The US Economy Has Seen a Rise in Jobs Needing Social Skills

Statistics on the Rise

Working with different clients I have become acutely aware of generational differences, communication differences, and social media influences. From those far more knowledgeable than I in neuroscience they offer that we are oriented to be assertive and look for food, shelter and sex, as an approach and be defensive towards other initiatives. We are hard wired that way. Knowing this and trying to accomplish activities in the work place, we need to be thoughtful about how we bring others on board to new ideas. Listen, collaboration, understanding and accepting generational differences,having an attitude of being there to help can help overcome many of the negative feelings. Being there to educate all has a significant impact on work towardsenhancing effectiveness. These ideas tie intocommunication, diversity and perspective and peaceful resolutions. In today's post from the Harvard Business Review "The Daily Stat" they offer:

Chart of the Week: Your Social Skills Are Good for Something

"Between 1980 and 2012, the number of workplace tasks requiring social skills jumped 24%, those requiring math skills rose just 11%, and tasks requiring routine skills have steadily declined, according to Harvard Graduate School of Education associate professor David Deming. While this may seem to indicate that you should focus a little less on math, that's not necessarily the case. As Nicole Torres writes on in her roundup of the research, people with both social and math skills tend to be winners in today's job market. But ultimately, having social skills allows a person to be flexible and adapt to changing circumstances at work, which is a huge advantage until computers get good at that, too."

In a recent article MIT realized they needed to step in and help their students. These are some of the best and brightest. Employers are indicating they need additional skills around human social interaction. Forbes offers ten skills employers want.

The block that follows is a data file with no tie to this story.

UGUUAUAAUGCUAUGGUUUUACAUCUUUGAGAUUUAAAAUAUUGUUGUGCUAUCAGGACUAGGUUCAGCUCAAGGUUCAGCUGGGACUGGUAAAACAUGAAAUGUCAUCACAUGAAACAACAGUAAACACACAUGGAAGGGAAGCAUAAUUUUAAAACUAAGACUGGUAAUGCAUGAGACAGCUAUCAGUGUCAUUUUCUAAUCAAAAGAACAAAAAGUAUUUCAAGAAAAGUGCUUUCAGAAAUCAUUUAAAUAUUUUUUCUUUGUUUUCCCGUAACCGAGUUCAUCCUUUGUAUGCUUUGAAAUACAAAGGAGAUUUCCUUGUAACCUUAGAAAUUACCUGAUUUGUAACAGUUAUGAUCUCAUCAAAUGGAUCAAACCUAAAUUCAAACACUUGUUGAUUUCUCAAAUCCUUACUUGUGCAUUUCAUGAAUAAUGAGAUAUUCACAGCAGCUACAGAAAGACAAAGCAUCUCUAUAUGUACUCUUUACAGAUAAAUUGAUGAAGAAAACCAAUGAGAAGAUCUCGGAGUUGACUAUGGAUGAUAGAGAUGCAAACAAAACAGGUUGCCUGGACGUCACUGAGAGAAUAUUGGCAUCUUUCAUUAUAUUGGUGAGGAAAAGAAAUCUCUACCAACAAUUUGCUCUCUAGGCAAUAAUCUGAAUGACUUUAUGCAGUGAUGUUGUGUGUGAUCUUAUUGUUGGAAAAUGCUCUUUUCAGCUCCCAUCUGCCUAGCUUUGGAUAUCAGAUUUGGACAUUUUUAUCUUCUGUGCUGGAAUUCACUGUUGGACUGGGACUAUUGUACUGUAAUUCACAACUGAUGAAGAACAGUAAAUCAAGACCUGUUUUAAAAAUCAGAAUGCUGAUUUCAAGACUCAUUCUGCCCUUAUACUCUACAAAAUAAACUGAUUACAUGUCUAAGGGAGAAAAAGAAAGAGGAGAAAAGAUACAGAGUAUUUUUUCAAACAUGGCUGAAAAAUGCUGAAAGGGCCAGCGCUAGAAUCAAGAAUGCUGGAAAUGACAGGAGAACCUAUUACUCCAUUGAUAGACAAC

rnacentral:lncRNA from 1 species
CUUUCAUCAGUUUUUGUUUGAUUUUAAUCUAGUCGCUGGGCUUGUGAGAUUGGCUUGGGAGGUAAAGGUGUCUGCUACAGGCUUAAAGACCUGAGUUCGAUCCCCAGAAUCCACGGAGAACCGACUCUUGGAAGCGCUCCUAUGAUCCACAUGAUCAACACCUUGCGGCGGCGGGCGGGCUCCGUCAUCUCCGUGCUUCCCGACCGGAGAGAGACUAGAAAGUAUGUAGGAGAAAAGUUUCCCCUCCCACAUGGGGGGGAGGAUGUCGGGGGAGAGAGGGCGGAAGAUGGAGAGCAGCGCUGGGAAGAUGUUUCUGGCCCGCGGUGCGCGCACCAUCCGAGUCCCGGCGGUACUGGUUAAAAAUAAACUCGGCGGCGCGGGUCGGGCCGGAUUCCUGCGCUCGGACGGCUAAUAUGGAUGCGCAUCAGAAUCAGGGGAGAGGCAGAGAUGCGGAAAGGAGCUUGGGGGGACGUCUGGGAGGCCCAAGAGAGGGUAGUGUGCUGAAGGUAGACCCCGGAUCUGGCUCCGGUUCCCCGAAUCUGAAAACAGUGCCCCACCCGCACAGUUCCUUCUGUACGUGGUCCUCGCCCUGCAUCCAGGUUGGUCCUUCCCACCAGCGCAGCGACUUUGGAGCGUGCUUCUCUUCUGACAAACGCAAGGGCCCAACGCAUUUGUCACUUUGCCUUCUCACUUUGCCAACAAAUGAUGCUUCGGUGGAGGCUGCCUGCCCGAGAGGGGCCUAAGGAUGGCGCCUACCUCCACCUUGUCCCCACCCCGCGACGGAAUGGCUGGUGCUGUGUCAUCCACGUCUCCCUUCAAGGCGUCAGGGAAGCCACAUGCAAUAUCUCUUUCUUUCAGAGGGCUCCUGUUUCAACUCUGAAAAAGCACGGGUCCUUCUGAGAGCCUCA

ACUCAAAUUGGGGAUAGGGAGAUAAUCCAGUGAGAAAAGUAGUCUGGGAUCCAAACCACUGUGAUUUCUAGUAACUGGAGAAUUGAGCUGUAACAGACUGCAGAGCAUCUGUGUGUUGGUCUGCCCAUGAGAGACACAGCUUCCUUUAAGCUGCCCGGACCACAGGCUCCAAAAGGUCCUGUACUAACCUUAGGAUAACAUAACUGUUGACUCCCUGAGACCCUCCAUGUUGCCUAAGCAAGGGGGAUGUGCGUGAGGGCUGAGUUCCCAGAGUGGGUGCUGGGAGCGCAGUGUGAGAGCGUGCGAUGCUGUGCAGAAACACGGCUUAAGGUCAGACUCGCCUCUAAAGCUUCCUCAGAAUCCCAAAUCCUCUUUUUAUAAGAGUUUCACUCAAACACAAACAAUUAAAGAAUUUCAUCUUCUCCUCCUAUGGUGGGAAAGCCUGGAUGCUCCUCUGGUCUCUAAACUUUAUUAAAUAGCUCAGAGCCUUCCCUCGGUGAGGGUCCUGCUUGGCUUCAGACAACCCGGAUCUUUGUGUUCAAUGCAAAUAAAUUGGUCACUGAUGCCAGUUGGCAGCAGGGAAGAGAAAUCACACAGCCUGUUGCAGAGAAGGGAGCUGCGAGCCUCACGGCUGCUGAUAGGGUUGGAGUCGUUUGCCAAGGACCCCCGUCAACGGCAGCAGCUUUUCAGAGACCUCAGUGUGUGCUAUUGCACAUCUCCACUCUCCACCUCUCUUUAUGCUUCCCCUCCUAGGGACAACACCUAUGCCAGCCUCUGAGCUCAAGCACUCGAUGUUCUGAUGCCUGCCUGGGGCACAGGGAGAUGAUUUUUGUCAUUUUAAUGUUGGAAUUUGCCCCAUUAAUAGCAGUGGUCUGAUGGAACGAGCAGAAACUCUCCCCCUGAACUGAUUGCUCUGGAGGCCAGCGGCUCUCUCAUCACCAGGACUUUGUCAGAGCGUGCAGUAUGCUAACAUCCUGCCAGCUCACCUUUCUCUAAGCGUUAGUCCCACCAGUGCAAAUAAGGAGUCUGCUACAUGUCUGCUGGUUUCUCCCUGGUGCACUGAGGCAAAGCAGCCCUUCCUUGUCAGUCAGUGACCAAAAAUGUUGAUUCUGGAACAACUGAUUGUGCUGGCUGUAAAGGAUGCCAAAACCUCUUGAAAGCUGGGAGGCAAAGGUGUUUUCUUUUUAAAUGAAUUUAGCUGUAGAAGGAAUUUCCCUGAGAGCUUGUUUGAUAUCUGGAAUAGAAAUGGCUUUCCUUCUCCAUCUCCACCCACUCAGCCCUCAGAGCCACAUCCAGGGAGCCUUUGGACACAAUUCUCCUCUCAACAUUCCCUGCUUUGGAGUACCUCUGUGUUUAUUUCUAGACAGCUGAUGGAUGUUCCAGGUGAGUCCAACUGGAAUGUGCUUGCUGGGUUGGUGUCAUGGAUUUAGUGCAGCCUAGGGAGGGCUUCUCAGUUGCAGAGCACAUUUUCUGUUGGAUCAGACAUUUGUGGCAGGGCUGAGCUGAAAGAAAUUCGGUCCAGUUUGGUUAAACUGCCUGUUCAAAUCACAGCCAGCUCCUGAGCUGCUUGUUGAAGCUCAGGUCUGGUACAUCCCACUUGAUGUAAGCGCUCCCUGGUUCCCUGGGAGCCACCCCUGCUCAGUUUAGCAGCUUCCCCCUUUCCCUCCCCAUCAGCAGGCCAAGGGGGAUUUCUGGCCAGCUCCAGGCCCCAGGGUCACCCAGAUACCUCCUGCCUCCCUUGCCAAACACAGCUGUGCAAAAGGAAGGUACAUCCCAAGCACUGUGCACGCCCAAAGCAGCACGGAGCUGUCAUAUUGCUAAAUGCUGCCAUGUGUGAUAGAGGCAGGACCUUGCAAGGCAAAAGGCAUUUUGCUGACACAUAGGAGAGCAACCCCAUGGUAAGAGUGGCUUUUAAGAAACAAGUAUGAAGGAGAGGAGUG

What does this mean to you, to your group, to your firm?

These were identified as the top five skills from Forbes:

  1. Ability to work in a team structure
  2. Ability to make decisions and solve problems (tie)
  3. Ability to communicate verbally with people inside and outside an organization
  4. Ability to plan, organize and prioritize work
  5. Ability to obtain and process information

Think about this where you work and what proactive steps are you taking to make a positive difference? Are you obtaining and is your firm supplying the types of training needed in your work place? If not you may want to explore different types of training that would enhance the skills needed most.

About the author

Mike Gregory is a professional speaker, an author, and a mediator. You may contact Mike directly at and at (651) 633-5311. Mike has written 12 books (and co-authored two others) including his latest book, The Collaboration Effect: Overcoming Your Conflicts, and The Servant Manager, Business Valuations and the IRS, and Peaceful Resolutions that you may find helpful. [Michael Gregory, ASA, CVA, MBA, Qualified Mediator with the Minnesota Supreme Court]